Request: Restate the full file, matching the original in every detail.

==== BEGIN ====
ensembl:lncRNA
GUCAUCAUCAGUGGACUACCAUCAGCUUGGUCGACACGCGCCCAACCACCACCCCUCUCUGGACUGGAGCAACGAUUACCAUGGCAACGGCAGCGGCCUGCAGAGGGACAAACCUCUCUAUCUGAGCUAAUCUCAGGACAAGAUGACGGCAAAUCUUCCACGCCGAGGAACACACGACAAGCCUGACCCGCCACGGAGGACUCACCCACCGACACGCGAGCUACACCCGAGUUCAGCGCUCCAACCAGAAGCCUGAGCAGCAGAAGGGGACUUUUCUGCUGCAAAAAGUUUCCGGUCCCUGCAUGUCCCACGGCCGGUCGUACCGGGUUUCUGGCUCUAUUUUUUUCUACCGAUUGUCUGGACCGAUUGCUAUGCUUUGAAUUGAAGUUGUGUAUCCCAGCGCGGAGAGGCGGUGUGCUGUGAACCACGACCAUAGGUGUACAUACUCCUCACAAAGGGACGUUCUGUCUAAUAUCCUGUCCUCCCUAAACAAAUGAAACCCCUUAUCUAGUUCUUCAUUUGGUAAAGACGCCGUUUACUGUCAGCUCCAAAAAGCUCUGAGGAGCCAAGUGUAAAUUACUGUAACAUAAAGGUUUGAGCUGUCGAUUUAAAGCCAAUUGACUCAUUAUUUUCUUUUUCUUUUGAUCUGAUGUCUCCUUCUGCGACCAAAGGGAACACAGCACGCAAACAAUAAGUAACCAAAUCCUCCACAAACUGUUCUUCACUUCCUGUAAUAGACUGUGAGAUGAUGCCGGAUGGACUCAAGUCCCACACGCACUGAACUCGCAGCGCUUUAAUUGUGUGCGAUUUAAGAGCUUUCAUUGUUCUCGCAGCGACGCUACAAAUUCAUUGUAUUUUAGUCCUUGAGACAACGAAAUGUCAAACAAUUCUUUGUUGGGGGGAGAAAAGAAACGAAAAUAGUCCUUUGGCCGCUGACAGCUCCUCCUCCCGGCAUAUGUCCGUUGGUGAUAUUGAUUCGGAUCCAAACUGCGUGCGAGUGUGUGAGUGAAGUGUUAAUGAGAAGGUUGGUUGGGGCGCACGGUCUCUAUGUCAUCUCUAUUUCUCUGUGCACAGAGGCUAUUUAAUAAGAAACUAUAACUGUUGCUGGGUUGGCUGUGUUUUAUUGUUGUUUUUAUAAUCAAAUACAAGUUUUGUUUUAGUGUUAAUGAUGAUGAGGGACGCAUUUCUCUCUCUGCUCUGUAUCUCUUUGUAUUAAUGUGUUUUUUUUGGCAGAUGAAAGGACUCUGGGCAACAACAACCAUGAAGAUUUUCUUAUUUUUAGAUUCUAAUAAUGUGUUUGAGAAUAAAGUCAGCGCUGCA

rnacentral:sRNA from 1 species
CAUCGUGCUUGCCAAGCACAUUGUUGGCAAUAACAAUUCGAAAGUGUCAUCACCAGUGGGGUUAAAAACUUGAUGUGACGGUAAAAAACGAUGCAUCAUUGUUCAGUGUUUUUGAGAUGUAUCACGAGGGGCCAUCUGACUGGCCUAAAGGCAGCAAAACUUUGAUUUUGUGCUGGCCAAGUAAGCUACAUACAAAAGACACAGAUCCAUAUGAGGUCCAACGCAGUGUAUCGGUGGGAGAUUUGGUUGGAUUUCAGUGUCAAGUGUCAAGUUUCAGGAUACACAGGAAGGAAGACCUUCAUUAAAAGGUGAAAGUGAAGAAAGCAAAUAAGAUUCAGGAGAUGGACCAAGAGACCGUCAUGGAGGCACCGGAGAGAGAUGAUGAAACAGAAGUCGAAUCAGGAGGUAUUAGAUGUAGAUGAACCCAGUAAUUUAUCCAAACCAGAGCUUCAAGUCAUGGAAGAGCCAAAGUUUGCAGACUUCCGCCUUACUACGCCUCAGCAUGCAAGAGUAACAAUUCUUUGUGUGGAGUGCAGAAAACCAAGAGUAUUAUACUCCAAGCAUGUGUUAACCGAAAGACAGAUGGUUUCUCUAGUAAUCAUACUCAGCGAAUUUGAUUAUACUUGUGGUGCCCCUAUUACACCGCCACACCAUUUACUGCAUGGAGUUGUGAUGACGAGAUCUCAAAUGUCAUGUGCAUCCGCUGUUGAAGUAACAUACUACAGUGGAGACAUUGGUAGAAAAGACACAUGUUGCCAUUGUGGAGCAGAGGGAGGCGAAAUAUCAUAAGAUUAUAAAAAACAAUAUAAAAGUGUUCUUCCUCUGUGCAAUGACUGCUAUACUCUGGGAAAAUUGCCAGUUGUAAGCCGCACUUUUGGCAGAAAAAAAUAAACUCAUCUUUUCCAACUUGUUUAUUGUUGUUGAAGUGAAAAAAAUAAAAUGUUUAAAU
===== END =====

ensembl:lncRNA
GUCAUCAUCAGUGGACUACCAUCAGCUUGGUCGACACGCGCCCAACCACCACCCCUCUCUGGACUGGAGCAACGAUUACCAUGGCAACGGCAGCGGCCUGCAGAGGGACAAACCUCUCUAUCUGAGCUAAUCUCAGGACAAGAUGACGGCAAAUCUUCCACGCCGAGGAACACACGACAAGCCUGACCCGCCACGGAGGACUCACCCACCGACACGCGAGCUACACCCGAGUUCAGCGCUCCAACCAGAAGCCUGAGCAGCAGAAGGGGACUUUUCUGCUGCAAAAAGUUUCCGGUCCCUGCAUGUCCCACGGCCGGUCGUACCGGGUUUCUGGCUCUAUUUUUUUCUACCGAUUGUCUGGACCGAUUGCUAUGCUUUGAAUUGAAGUUGUGUAUCCCAGCGCGGAGAGGCGGUGUGCUGUGAACCACGACCAUAGGUGUACAUACUCCUCACAAAGGGACGUUCUGUCUAAUAUCCUGUCCUCCCUAAACAAAUGAAACCCCUUAUCUAGUUCUUCAUUUGGUAAAGACGCCGUUUACUGUCAGCUCCAAAAAGCUCUGAGGAGCCAAGUGUAAAUUACUGUAACAUAAAGGUUUGAGCUGUCGAUUUAAAGCCAAUUGACUCAUUAUUUUCUUUUUCUUUUGAUCUGAUGUCUCCUUCUGCGACCAAAGGGAACACAGCACGCAAACAAUAAGUAACCAAAUCCUCCACAAACUGUUCUUCACUUCCUGUAAUAGACUGUGAGAUGAUGCCGGAUGGACUCAAGUCCCACACGCACUGAACUCGCAGCGCUUUAAUUGUGUGCGAUUUAAGAGCUUUCAUUGUUCUCGCAGCGACGCUACAAAUUCAUUGUAUUUUAGUCCUUGAGACAACGAAAUGUCAAACAAUUCUUUGUUGGGGGGAGAAAAGAAACGAAAAUAGUCCUUUGGCCGCUGACAGCUCCUCCUCCCGGCAUAUGUCCGUUGGUGAUAUUGAUUCGGAUCCAAACUGCGUGCGAGUGUGUGAGUGAAGUGUUAAUGAGAAGGUUGGUUGGGGCGCACGGUCUCUAUGUCAUCUCUAUUUCUCUGUGCACAGAGGCUAUUUAAUAAGAAACUAUAACUGUUGCUGGGUUGGCUGUGUUUUAUUGUUGUUUUUAUAAUCAAAUACAAGUUUUGUUUUAGUGUUAAUGAUGAUGAGGGACGCAUUUCUCUCUCUGCUCUGUAUCUCUUUGUAUUAAUGUGUUUUUUUUGGCAGAUGAAAGGACUCUGGGCAACAACAACCAUGAAGAUUUUCUUAUUUUUAGAUUCUAAUAAUGUGUUUGAGAAUAAAGUCAGCGCUGCA

rnacentral:sRNA from 1 species
CAUCGUGCUUGCCAAGCACAUUGUUGGCAAUAACAAUUCGAAAGUGUCAUCACCAGUGGGGUUAAAAACUUGAUGUGACGGUAAAAAACGAUGCAUCAUUGUUCAGUGUUUUUGAGAUGUAUCACGAGGGGCCAUCUGACUGGCCUAAAGGCAGCAAAACUUUGAUUUUGUGCUGGCCAAGUAAGCUACAUACAAAAGACACAGAUCCAUAUGAGGUCCAACGCAGUGUAUCGGUGGGAGAUUUGGUUGGAUUUCAGUGUCAAGUGUCAAGUUUCAGGAUACACAGGAAGGAAGACCUUCAUUAAAAGGUGAAAGUGAAGAAAGCAAAUAAGAUUCAGGAGAUGGACCAAGAGACCGUCAUGGAGGCACCGGAGAGAGAUGAUGAAACAGAAGUCGAAUCAGGAGGUAUUAGAUGUAGAUGAACCCAGUAAUUUAUCCAAACCAGAGCUUCAAGUCAUGGAAGAGCCAAAGUUUGCAGACUUCCGCCUUACUACGCCUCAGCAUGCAAGAGUAACAAUUCUUUGUGUGGAGUGCAGAAAACCAAGAGUAUUAUACUCCAAGCAUGUGUUAACCGAAAGACAGAUGGUUUCUCUAGUAAUCAUACUCAGCGAAUUUGAUUAUACUUGUGGUGCCCCUAUUACACCGCCACACCAUUUACUGCAUGGAGUUGUGAUGACGAGAUCUCAAAUGUCAUGUGCAUCCGCUGUUGAAGUAACAUACUACAGUGGAGACAUUGGUAGAAAAGACACAUGUUGCCAUUGUGGAGCAGAGGGAGGCGAAAUAUCAUAAGAUUAUAAAAAACAAUAUAAAAGUGUUCUUCCUCUGUGCAAUGACUGCUAUACUCUGGGAAAAUUGCCAGUUGUAAGCCGCACUUUUGGCAGAAAAAAAUAAACUCAUCUUUUCCAACUUGUUUAUUGUUGUUGAAGUGAAAAAAAUAAAAUGUUUAAAU